Perhaps nothing sums up a vision of post-war; I like IKE, middle class America like the “Adventures of Ozzie and Harriet”. Some of you are sitting there thinking, “how does he know about Ozzie and Harriet, he’s too young?” Yes, I am too young but I watch re-runs. If we reflect upon what we think America was like from 1952 to 1966 this image comes to mind; even if it’s not entirely true. Harriet is at home. Ozzie is a lawyer. David and Ricky, along with their friends go to a local public school. There is no crime or social problems. By the end of its run, most viewers knew two things, the show was already associated with a bygone era and it was a vehicle for launching Ricky’s singing career.
Toward the end of his life, Ricky Nelson had a hit with a song called “Garden Party”. In the song, he looked back on his life and how his fans were always asking him to look back and sing the old songs, the songs from his hey-day in the 50’s and 60’s. Here’s what Rick said:
Played them all the old songs, thought that’s why they came
No one heard the music, we didn’t look the same
I said, hello to “Mary Lou”, she belongs to me
When I sang a song about a honky-tonk, it was time to leave
But it’s all right now, I learned my lesson well
You see, ya can’t please everyone, so ya got to please yourself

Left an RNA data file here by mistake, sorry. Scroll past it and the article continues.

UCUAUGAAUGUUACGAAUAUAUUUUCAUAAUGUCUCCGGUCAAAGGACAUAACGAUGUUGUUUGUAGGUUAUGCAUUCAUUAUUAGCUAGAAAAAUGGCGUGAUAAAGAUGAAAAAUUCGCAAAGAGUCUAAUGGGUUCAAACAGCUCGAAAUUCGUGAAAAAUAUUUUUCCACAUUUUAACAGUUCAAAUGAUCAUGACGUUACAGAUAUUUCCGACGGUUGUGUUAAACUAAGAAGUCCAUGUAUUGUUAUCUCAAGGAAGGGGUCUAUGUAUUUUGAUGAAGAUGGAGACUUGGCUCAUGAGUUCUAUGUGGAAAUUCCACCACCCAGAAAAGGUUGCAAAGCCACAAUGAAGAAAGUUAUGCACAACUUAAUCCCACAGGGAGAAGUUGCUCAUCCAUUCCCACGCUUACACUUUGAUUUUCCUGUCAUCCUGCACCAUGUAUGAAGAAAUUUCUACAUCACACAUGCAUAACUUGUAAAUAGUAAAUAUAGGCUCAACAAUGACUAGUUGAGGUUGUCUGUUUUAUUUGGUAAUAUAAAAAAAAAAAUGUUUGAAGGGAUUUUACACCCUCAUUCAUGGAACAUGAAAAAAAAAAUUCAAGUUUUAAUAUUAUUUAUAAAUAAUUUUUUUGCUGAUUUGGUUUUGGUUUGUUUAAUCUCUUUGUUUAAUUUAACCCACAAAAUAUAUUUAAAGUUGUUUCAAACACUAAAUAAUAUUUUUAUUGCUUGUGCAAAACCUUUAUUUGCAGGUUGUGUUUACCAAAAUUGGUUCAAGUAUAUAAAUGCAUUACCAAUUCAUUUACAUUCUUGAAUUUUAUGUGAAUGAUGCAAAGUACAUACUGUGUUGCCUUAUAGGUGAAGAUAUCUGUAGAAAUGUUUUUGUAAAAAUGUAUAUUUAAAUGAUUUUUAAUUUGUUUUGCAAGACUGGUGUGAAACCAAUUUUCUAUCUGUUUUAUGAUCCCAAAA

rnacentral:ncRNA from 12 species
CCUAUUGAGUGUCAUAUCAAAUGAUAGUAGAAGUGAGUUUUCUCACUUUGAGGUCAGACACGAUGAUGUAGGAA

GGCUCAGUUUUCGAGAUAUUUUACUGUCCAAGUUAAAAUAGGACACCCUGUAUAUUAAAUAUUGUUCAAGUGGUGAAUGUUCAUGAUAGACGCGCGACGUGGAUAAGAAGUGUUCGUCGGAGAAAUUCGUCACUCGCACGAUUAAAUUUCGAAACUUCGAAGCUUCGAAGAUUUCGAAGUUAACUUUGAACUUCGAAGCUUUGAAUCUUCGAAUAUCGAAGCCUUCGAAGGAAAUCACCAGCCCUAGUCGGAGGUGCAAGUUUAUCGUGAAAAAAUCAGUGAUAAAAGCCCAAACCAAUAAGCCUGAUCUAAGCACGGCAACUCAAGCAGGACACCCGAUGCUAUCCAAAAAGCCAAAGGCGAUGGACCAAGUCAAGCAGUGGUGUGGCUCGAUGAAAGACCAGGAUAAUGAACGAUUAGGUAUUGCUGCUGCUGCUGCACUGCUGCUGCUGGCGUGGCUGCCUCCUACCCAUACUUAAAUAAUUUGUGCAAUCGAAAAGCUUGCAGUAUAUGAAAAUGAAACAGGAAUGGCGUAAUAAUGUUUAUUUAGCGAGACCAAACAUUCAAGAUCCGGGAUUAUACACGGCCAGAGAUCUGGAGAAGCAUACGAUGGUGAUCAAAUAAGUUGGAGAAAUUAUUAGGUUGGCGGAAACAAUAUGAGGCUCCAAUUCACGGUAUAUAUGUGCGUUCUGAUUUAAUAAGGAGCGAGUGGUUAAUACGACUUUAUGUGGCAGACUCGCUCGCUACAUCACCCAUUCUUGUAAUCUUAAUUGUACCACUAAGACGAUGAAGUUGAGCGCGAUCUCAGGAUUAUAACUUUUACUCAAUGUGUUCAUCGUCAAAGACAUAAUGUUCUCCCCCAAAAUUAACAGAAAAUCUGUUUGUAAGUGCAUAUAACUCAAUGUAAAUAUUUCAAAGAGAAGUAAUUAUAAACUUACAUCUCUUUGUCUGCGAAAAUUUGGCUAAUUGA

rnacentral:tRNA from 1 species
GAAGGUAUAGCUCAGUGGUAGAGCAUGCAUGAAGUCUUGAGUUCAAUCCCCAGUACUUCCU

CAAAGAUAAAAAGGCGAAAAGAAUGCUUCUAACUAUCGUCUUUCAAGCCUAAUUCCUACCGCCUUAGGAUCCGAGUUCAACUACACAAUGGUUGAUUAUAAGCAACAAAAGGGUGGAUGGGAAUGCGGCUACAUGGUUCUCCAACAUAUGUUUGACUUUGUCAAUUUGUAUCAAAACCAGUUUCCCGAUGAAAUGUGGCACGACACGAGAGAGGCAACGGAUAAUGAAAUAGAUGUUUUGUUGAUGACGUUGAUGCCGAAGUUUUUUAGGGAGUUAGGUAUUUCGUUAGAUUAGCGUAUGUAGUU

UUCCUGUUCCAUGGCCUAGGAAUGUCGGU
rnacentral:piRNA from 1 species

Someone opened up a closet door and out stepped Johnny B. Goode
Playing guitar like a-ringin’ a bell and lookin’ like he should
If you gotta play at garden parties, I wish you a lotta luck
But if memories were all I sang, I’d rather drive a truck
I want you to hold on to that last line: If memories were all I sang: I’d rather drive a truck.
Nostalgia is big business. It makes money, sells tickets, and generates ad revenue like nothing else in the post-modern, internet driven economy. Besides this, we like to recall the past. If people can make money off our desire to circulate pictures of payphones and floor based head light buttons, why not? Show someone a picture of a vintage “thing-a-ma-bob” and ask them to share it if they too can guess what this thing once did and then what? You get the pleasure of an endorphin release. You know something that someone else does not know. You are aware of something of which perhaps many people remain in the dark. That feeling and $1.00 will buy you a 32 ounce cup of tea at the gas station. It is a feeling. And those nostalgic feelings, as Ricky Nelson recognized at his garden party provide only fleeting happiness. The emotional value from such memories is often illusory. As Rick said, “if memories were all I sang, I’d rather drive a truck“. What’s that mean? Memories don’t provide the long term happiness that an investment in the present offers.
Within each of these nostalgia moments, whether a post on Facebook or a story told about the good old days, there is an implied moral component. Morally tinged nostalgia, like this, asks us to make a value judgment about ourselves and the world. Whether we realize it or not, when we like or send such pictures and laugh at these stories, we’re sending an ethical message: we are better people in the present because of how well informed we are (as opposed to others who didn’t live when we lived, were to young, not even born) about the past. Nostalgia isn’t all it’s cracked up to be. The Bible doesn’t really endorse this kind of nostalgia, at all. Scripture says: there’s remembering who you are and that is very different from telling stories about how wonderful life was in Egypt.